Oh man, where to start?!? I’ve only been able to visit Ireland once but I went for about a week and it was incredible. Of course, Dublin is a total blast and always a fun stop. My wife and I rented a car and drove cross country to Galway staying in bed and breakfasts along the way, which is one of the best ways to see the countryside. After Galway we headed north to Donegal and spent a night at the gorgeous and historic Loughe Eske Castle. We then drove to the (almost) one street town of Derrygonnelly where my grandmother was born so that was an amazing place for me to visit. After that we drove to Ballymena, where I still have relatives on my father’s side, before ending our trip with a couple of nights in Belfast.
I have plans for a Declan-centric novel in the “Hammerhead” Jed series which will see the boys head home to the motherland and the mystery be related to Declan’s IRA past, however, it’s still a couple of books away and will definitely require me to visit Ireland again for research (and more fun!).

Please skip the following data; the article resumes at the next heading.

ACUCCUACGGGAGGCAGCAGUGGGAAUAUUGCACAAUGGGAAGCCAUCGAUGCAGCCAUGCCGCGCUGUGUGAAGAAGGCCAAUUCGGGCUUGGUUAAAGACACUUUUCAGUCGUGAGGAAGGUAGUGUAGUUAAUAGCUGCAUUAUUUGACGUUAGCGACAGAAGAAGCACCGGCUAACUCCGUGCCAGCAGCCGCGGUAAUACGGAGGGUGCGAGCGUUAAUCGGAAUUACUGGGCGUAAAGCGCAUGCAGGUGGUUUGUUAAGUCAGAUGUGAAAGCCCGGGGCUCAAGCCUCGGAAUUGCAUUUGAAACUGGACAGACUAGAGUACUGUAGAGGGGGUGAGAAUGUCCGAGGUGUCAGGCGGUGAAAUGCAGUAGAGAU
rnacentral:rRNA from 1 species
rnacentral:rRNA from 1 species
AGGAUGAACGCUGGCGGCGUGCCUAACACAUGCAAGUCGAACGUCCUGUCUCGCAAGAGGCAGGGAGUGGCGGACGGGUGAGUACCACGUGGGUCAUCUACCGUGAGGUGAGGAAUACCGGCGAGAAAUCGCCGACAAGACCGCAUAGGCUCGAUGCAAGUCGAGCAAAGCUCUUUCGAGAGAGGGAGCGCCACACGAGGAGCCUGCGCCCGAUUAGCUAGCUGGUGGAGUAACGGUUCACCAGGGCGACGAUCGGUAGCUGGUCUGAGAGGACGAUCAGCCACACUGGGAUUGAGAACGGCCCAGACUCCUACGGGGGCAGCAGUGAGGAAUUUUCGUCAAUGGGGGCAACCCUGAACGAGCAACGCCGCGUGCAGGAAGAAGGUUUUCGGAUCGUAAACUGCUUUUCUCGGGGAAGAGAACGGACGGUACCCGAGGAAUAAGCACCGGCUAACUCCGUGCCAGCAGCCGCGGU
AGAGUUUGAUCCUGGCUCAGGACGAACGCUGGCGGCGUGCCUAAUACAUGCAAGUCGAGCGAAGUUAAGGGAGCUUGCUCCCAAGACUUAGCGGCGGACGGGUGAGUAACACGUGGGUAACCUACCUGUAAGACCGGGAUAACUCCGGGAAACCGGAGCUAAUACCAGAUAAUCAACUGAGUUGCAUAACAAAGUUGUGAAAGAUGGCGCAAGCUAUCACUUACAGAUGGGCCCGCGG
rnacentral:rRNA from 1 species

You worked as a screenwriter in Hollywood. Any stories you can tell about that experience? If you can’t tell any stories, why did you move back to British Columbia?
After graduating with my M.F.A. in Screenwriting from the American Film Institute I was able to extend my student visa for a year and work in the industry in which I had studied. During this time I worked for an Academy Award nominated producer, was hired to write treatments, do rewrites, pitch directors, etc. I also co-wrote several screenplays with my late professor and mentor Leonard Schrader, but despite all the projects I had on the go I wasn’t able to get any into development, which was frustrating. I decided to move home and try to break into the Canadian film and television industry, but to no avail. Eventually, I was so burned out I decided to put screenwriting on the back burner and finally heed my professor’s advice and take a crack at writing a mystery novel. Several years and multiple drafts later Cobra Clutch was the result and I haven’t looked back since.